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Possible Generalization of Cross Product?

  1. Nov 5, 2006 #1
    In R^3 it is easy to compute the cross product, and i know how to compute it in higher dimensions using wedge product and the hodge star, which shows that it only exists in 3n dimensions.

    My question is given two vectors in C^3 (complex), is there a neat way to find one perperdicular to both? Ie - a generalization of the original cross product?
  2. jcsd
  3. Nov 5, 2006 #2
    I don't think that's possible. If you define two vectors that are perpindicular to a third by setting the dot product to zero. Then subtitute and solve the three systems of equations... then you get the cartesian cross product equation. That is the proof that the cross product equation is the general situation of having a vector perpindicular to two others. Therefore, I'll assume the equation is the simplest method.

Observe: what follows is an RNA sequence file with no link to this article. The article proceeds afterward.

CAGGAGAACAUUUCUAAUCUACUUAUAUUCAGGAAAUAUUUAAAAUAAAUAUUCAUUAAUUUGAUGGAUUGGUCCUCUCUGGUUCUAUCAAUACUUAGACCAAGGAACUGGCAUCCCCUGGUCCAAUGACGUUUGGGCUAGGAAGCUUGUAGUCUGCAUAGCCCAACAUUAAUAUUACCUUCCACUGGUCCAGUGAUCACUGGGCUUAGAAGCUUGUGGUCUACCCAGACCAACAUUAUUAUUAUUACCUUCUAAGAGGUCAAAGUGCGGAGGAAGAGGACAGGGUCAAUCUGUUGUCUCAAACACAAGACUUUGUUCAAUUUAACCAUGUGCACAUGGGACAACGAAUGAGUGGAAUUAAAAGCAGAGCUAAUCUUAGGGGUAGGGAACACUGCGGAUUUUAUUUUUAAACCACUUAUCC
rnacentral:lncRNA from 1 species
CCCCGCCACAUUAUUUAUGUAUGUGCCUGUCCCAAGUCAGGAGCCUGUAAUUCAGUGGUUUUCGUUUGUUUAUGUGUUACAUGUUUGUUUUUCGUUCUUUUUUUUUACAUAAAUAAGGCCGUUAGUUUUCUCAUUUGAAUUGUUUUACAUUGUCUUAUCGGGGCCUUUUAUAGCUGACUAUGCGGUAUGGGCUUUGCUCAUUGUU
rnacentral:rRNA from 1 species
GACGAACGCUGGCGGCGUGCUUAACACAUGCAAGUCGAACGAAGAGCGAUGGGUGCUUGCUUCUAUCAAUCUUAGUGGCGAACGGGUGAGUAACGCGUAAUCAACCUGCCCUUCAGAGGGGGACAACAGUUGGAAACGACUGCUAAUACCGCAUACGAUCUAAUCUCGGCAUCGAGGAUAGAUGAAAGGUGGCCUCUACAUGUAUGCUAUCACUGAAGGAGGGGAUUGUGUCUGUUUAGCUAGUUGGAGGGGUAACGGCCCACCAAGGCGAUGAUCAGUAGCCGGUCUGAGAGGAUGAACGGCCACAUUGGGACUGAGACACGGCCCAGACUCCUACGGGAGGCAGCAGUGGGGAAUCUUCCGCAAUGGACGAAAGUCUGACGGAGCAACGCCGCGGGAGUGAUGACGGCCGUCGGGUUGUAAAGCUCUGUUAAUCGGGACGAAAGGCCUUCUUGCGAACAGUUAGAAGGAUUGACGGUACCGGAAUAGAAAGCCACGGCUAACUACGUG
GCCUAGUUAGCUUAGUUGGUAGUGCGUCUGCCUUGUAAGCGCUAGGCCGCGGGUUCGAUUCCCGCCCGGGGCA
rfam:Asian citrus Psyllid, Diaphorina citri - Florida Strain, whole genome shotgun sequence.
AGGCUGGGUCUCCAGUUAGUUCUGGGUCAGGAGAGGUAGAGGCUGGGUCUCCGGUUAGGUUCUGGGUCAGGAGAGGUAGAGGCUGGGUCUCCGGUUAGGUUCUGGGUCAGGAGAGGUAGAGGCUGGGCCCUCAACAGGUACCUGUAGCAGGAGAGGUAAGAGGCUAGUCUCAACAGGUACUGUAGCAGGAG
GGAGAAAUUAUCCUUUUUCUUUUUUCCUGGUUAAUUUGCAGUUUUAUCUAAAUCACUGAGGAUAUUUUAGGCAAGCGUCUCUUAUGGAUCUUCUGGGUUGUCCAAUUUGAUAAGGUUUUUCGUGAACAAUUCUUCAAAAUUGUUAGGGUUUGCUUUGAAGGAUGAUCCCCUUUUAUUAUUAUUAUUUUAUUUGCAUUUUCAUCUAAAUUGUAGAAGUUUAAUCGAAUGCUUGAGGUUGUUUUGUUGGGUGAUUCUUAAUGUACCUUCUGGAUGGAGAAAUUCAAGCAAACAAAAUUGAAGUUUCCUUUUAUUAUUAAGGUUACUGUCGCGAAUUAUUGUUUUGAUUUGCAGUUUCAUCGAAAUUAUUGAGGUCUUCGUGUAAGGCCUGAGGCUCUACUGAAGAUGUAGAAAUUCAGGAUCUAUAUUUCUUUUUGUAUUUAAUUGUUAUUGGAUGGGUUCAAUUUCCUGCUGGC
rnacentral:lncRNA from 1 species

Last edited: Nov 5, 2006
  4. Nov 5, 2006 #3


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    And the result turns out to be essentially the same as with real vectors. (I found the formula a different way -- simply starting with the ordinary cross product, and seeing what needs to be changed)
  5. Nov 5, 2006 #4
    So what is the formula guys? I know there must exist one since C^3 is just a six dimensional real space, and i know cross products are defined in 3n space according to the wedge product definition.
  6. Nov 6, 2006 #5
    Don't worry guys i solved it using the wedge product and Hodge star, it turns out that aXb is exactly the same as the normal definition in R^3 except you conjugate both (a) and (b) before you do the cross product.

    where a = (a1,a2,a3) and b = (b1,b2,b3) and the components themselves are elements of C, ie a1 = x+yi
  7. Nov 6, 2006 #6
    Oh, you didn't even know the formula?

    [tex] A X B = [a_{2}b_{3} - a_{3}b_{2}, a_{3}b_{1} - a_{1}b_{3}, a_{1}b_{2} - a_{2}b_{1}] [/tex]

    It may look complicated, but there is a distinct pattern that's very simple to remember. "231".
  8. Nov 6, 2006 #7
    Heh, of course i knew that, but i just wanted to see if there was a complex version for C^3. Btw, its easier to remember by writing in matrix form and taking it as a determinant.
  9. Nov 6, 2006 #8


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    Yay! I figured you could do it.
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